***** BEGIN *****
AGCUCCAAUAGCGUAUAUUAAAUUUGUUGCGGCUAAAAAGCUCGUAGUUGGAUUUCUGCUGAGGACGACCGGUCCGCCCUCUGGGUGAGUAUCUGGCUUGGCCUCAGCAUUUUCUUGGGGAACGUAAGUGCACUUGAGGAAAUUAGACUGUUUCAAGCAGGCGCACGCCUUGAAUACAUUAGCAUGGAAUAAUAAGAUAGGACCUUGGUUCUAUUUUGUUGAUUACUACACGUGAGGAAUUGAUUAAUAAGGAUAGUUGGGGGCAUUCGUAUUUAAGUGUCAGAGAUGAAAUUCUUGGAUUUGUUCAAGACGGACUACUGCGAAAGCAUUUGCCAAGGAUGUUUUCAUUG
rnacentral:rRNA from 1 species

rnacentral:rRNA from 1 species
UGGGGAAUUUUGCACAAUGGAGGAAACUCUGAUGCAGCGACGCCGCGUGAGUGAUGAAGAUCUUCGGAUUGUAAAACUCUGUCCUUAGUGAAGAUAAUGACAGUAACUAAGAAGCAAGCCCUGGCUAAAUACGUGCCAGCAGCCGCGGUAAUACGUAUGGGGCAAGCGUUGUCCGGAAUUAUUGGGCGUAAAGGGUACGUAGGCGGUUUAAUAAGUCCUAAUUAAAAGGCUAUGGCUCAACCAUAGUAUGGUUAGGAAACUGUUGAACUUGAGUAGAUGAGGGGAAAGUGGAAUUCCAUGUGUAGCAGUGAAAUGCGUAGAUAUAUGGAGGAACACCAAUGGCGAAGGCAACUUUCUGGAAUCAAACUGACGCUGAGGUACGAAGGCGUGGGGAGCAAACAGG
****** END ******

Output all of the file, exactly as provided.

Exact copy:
AGCUCCAAUAGCGUAUAUUAAAUUUGUUGCGGCUAAAAAGCUCGUAGUUGGAUUUCUGCUGAGGACGACCGGUCCGCCCUCUGGGUGAGUAUCUGGCUUGGCCUCAGCAUUUUCUUGGGGAACGUAAGUGCACUUGAGGAAAUUAGACUGUUUCAAGCAGGCGCACGCCUUGAAUACAUUAGCAUGGAAUAAUAAGAUAGGACCUUGGUUCUAUUUUGUUGAUUACUACACGUGAGGAAUUGAUUAAUAAGGAUAGUUGGGGGCAUUCGUAUUUAAGUGUCAGAGAUGAAAUUCUUGGAUUUGUUCAAGACGGACUACUGCGAAAGCAUUUGCCAAGGAUGUUUUCAUUG
rnacentral:rRNA from 1 species

rnacentral:rRNA from 1 species
UGGGGAAUUUUGCACAAUGGAGGAAACUCUGAUGCAGCGACGCCGCGUGAGUGAUGAAGAUCUUCGGAUUGUAAAACUCUGUCCUUAGUGAAGAUAAUGACAGUAACUAAGAAGCAAGCCCUGGCUAAAUACGUGCCAGCAGCCGCGGUAAUACGUAUGGGGCAAGCGUUGUCCGGAAUUAUUGGGCGUAAAGGGUACGUAGGCGGUUUAAUAAGUCCUAAUUAAAAGGCUAUGGCUCAACCAUAGUAUGGUUAGGAAACUGUUGAACUUGAGUAGAUGAGGGGAAAGUGGAAUUCCAUGUGUAGCAGUGAAAUGCGUAGAUAUAUGGAGGAACACCAAUGGCGAAGGCAACUUUCUGGAAUCAAACUGACGCUGAGGUACGAAGGCGUGGGGAGCAAACAGG